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News Story
9/11/2013
Posted by Mark Reback
SAN FRANCISCO — In a major legal setback for Google, a federal appeals court here said on Tuesday that a lawsuit accusing the Internet giant of illegal wiretapping could proceed. The ruling, which comes at a moment when online privacy is being hotly debated, has its origins in a much-publicized Google initiative, Street View, which tried to...
News Story
9/11/2013
Posted by Mark Reback
A US judge has ruled that Google did break the law when it harvested unsecured WiFi data while collecting images for its Street View mapping service, upholding an earlier ruling by a federal court. The decision means that a group of users who claim their privacy was violated by Google can now press ahead with their claim for damages against the...
News Story
9/11/2013
Posted by Mark Reback
A US appeals court has upheld a decision against Google and now claims the search giant must be held responsible for violating wiretapping laws. This decision comes after the California company appealed a previous ruling and argued that their collection of data from unsecured Wi-Fi networks was exempt from these laws. A panel of three judges ruled...
News Story
9/11/2013
Posted by Mark Reback
U.S. Court of Appeals in San Francisco upholds federal court's ruling Firm is being sued by users who claim their privacy was violated by Google Street View cars which gathered information via Wi-Fi networks Google acted illegally when it collected data on people's online activities through their Wi-Fi systems, the U.S. Court of Appeals...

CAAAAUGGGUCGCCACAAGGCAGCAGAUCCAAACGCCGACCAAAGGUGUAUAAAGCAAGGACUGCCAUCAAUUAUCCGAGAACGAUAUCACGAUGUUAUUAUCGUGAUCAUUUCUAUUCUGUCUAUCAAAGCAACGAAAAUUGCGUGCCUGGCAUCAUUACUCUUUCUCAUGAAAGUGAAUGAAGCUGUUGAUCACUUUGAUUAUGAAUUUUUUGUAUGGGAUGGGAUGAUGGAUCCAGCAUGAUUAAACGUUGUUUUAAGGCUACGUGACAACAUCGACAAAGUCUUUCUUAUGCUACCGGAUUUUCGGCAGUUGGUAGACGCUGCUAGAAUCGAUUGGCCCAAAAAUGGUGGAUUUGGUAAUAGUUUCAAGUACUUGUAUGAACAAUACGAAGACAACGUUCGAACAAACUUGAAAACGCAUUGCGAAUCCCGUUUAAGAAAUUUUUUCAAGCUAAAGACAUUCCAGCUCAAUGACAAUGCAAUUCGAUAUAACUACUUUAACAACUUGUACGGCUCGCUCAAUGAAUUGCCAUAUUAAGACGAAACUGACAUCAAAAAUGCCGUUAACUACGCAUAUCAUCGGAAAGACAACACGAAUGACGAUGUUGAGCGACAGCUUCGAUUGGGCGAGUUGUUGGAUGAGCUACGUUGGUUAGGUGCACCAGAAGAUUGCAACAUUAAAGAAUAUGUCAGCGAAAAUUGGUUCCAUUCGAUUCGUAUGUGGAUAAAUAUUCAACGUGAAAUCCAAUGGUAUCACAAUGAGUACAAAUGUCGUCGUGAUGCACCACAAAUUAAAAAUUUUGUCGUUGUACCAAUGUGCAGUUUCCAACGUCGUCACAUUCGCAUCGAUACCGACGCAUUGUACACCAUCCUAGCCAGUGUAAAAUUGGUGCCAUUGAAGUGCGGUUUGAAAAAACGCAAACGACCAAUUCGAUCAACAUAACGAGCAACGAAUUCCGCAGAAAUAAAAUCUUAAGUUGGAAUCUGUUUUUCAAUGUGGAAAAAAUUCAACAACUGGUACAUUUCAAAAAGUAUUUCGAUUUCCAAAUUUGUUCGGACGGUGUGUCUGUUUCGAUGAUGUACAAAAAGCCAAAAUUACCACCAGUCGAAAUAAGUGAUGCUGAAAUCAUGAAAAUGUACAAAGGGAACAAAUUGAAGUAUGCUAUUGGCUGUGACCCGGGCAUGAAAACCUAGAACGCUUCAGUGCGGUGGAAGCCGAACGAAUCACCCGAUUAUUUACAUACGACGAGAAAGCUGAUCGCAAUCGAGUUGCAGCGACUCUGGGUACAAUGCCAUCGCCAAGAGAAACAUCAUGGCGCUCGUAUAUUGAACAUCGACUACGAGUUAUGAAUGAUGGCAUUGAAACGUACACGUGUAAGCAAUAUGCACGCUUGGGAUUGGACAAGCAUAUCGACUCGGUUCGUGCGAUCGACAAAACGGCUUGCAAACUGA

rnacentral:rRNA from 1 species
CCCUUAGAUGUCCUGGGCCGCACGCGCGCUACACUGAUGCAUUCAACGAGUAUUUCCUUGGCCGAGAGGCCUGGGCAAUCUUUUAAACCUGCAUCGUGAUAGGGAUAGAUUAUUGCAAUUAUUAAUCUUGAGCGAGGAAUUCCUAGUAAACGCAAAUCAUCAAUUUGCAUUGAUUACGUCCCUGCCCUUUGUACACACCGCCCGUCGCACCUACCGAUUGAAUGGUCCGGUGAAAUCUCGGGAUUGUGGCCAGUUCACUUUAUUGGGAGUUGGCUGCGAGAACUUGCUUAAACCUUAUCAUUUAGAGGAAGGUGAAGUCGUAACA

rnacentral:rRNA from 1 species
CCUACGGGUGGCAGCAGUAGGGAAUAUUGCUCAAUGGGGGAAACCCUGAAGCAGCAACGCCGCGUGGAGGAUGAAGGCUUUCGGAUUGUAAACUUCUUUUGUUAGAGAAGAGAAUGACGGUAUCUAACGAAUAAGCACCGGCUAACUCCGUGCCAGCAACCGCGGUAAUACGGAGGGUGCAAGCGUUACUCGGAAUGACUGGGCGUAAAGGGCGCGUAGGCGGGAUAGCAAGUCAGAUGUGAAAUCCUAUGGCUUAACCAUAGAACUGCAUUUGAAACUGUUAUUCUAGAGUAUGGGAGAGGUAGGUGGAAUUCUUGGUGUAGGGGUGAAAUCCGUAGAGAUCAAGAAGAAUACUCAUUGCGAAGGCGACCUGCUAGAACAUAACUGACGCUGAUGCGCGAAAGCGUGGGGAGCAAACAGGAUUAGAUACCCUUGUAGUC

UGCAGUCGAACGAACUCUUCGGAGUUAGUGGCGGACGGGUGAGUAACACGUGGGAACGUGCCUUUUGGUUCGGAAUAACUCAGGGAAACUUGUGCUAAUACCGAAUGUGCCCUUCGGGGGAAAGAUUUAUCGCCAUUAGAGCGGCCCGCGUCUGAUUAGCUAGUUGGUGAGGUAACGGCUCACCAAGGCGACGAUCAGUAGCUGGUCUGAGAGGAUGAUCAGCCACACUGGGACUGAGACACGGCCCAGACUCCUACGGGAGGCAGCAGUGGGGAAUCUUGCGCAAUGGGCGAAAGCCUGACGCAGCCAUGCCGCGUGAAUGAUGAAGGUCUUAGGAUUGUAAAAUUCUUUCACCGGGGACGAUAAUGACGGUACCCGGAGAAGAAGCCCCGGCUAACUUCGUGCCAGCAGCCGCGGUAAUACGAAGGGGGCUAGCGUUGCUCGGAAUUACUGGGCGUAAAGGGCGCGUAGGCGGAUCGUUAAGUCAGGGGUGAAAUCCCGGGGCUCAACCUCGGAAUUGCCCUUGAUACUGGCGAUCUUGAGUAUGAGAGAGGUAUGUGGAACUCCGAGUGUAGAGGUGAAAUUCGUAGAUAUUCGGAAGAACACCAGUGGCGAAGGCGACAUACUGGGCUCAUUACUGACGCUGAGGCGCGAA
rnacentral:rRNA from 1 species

News Story
9/11/2013
Posted by Mark Reback
A federal court’s decision to let a class action suit move forward against Google for nabbing data transmitted over household Wi-Fi networks adds a new wrinkle to the Internet titan’s perplexing approach to privacy rights. The 9th Circuit yesterday rejected Google’s request to throw out a case that arose after Google admitted in...
News Story
9/11/2013
Posted by Mark Reback
Google has lost its appeal to dismiss a class action lawsuit over its Street View cars' poaching of data from unsecured WiFi networks. "Google went out like fishermen with nets and scooped up whatever electronic fish were out there and processed it," said tech attorney Ray Van Dyke. It "could have thrown those fish back but did...
News Story
9/11/2013
Posted by Mark Reback
Facebook, which has repeatedly tripped over its own feet when changing its privacy practices, has stumbled yet again. The Federal Trade Commission said on Wednesday that it had begun an inquiry into whether the social network’s proposed new privacy policies, unveiled two weeks ago, violated a 2011 agreement with regulators. Under that...
News Story
9/11/2013
Posted by Mark Reback
The Federal Trade Commission is evaluating whether changes to two of Facebook’s key privacy policies adhere to a 2011 agreement between the agency and the social network. Facebook spokeswoman Jodi Seth confirmed that the FTC is evaluating Facebook’s policies.   “We routinely discuss policy updates with the FTC and this...
News Release
9/10/2013
Posted by John M. Simpson
SANTA MONICA, CA – A federal appeals court ruled today that Google’s interception of messages from private Wi-Fi networks is not exempt from federal wiretap laws, opening the way for a class action suit in the Wi-Spy case to move forward with possible damages amounting to billions of dollars. A three-judge panel for the U.S. Court of...
News Story
9/10/2013
Posted by Mark Reback
SAN JOSE, Calif. (AP) — A federal appeals court said Google wrongly collected people’s personal correspondence and online activities through their Wi-Fi systems as it drove down their streets with car cameras shooting photos for its Street View mapping project. The ruling that the practice violates wiretap laws sends a warning to other...